Worker classification, employee rights, and equal pay are among the issues that require careful consideration in light of recent and forthcoming changes.
By Tom Evans, Sarah Gadd, David Walker, Terry Charalambous, Adam Ray, and Catherine Campbell
The COVID-19 pandemic, and the growing emphasis on ESG metrics (particularly the “s”), has heightened the focus on worker rights and employee-employer relationships. Legislative changes, planned reforms, and high-profile court decisions in the UK, Europe, and beyond demonstrate a changing approach to worker rights, and underscore the need for careful consideration of these issues. This is an area that will continue to see significant developments, requiring dealmakers to remain alert to the impact of further changes.
What to Know
Worker classification: In February 2021, the UK Supreme Court found that Uber drivers are entitled to worker rights rather than more limited rights as a contractor, and that worker status is a matter of statutory interpretation rather than contractual interpretation. The ruling builds on earlier cases, including the 2018 Pimlico Plumbers judgment, and has a major impact on UK companies reliant on contractors. Further cases are due to be heard later this year. In the same month, Italian authorities ordered four major delivery platforms to fully hire over 60,000 couriers and pay €733 million in fines. Further, Spain recently announced legislation to provide certain employment rights to gig-economy workers.
IR35: Other UK developments include new off-payroll working rules, under which organisations need to assess the status of workers who operate through intermediaries. If employee status is determined, the hirer must pay employer’s national insurance contributions and operate PAYE withholding, creating a cost and compliance burden for businesses.
Equality: Equal pay and discrimination cases continue to impact the employment landscape. In March 2021, the UK Supreme Court ruled that female shop-floor workers could bring an equal pay claim against a grocer by comparing their pay to male depot staff. And in June 2021, the European Courts of Justice found that EU law requires equal pay for “work of equal value” and that workers in different establishments can compare their pay if it is set by a “single source”. The rulings are likely to trigger a wave of similar claims. Elsewhere, a UK food retailer was found liable for the racial harassment of one employee by another, as the business had not refreshed its equality training. The decision leaves companies on the hook if regular diversity training and other steps are not taken.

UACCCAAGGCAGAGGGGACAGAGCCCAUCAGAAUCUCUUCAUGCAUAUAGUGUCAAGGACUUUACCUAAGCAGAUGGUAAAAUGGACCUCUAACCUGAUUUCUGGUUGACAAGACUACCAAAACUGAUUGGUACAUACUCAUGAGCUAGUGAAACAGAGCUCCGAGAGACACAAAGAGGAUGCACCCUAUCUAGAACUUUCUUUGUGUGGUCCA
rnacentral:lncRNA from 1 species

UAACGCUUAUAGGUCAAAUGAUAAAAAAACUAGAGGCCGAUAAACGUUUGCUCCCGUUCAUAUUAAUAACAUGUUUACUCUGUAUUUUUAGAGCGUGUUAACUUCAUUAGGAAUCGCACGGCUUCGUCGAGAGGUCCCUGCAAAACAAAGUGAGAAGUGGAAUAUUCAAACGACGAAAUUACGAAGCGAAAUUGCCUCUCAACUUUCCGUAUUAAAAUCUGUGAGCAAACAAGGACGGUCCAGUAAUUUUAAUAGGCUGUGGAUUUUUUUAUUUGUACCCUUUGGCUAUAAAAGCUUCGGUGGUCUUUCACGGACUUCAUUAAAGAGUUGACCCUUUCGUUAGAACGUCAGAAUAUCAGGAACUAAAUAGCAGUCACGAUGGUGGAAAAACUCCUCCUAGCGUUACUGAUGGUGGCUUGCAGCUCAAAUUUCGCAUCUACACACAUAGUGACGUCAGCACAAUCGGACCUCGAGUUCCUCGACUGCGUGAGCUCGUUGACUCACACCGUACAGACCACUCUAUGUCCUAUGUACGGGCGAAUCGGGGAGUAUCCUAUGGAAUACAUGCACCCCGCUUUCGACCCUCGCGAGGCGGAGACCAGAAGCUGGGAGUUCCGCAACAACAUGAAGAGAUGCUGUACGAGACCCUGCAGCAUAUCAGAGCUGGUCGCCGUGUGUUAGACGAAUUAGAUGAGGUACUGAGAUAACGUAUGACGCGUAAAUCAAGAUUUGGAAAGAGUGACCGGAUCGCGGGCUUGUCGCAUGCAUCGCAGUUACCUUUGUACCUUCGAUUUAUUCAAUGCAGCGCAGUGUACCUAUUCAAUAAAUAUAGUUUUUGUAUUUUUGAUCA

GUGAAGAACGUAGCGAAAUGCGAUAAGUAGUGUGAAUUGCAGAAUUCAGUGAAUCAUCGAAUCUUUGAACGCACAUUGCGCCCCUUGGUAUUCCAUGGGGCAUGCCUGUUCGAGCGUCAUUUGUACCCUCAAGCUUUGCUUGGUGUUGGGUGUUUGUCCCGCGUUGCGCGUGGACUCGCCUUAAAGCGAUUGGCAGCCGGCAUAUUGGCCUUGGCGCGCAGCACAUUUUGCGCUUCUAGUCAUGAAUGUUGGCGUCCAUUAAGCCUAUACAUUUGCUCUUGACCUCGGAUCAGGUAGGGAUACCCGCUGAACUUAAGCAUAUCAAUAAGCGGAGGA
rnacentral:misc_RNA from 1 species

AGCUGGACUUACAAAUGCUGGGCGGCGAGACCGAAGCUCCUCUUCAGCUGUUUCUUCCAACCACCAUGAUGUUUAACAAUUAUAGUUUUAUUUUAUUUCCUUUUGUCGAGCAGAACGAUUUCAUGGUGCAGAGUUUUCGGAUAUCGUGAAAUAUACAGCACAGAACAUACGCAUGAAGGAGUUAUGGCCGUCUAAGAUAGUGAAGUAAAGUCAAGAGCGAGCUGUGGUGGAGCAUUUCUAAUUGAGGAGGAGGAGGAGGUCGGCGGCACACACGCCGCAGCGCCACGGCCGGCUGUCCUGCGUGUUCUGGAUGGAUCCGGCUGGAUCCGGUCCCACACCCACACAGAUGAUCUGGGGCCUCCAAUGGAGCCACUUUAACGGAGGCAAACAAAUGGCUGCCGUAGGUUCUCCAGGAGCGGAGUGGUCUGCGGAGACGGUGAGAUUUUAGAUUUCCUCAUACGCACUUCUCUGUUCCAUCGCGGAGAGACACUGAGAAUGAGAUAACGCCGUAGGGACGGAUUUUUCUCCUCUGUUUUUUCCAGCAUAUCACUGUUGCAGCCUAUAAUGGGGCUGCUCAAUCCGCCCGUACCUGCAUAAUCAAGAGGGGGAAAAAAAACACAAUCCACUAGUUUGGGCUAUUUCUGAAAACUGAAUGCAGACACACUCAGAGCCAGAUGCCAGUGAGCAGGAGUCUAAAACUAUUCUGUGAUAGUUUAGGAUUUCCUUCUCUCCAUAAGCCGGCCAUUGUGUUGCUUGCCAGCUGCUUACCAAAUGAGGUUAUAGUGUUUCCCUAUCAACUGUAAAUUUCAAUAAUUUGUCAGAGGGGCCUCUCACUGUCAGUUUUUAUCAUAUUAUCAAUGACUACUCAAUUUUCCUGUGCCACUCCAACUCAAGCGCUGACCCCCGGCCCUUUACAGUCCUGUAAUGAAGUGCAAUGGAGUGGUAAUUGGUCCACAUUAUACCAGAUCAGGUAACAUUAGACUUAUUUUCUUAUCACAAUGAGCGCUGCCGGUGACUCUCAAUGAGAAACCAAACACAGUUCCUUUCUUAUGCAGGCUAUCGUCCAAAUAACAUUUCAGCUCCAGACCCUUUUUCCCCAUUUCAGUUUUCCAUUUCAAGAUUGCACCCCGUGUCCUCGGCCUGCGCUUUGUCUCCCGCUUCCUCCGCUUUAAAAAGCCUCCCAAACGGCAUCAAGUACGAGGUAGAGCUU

What to Do
The reputational damage caused by worker mistreatment and disputes can have a long-lasting impact on a portfolio company and hurt the chances of a successful IPO or other exit, especially given the increasing focus of institutional investors on ESG issues.
Worker classification: The reclassification of self-employed contractors to employees or workers could lead to significant backdated costs to cover holiday pay, sick pay, and pension contributions as well as national insurance or social security contributions. This could materially change the valuation of target businesses or portfolio companies that rely on self-employment structures. Recent developments emphasise the significance of how worker relationships work in practice. There is little point in just reviewing standard form agreements, or relying on indemnities from individuals — instead it is increasingly necessary to dig further and assess whether in practice so-called contractors genuinely carry on business or whether they are subordinate/dependent and therefore likely to be classified as workers.
IR35: While startups and other small companies may be exempt under a “small company” exemption, most portfolio companies will need to consider what processes are in place for making status determinations, and if PAYE withholding is operated where necessary.
Equality: Pay disparities and equal pay claim risk must be considered when undertaking diligence, particularly for retail deals, but also for any deal where roles at the target business are typically performed by different sexes, who are paid differently. Equality-related policies and frequency and content of training on discrimination issues also require a targeted approach.
Future reform of worker status and rights is likely. Following the Uber decision, the head of the UK Pensions Regulator said gig-economy firms should start offering pensions to the people who work for them. The House of Lords Select Committee on COVID-19 argued for new laws to provide contractors with enhanced rights. Meanwhile, the European Commission launched the first phase of a consultation process into working conditions for digital-platform workers.
Beyond Europe, similar issues are being considered in the US. President Biden has adopted a pro-union stance, and New York has introduced a bill that would give gig workers the right to organise. We expect employment rights and work relations to remain a central theme for PE to watch in the year ahead.
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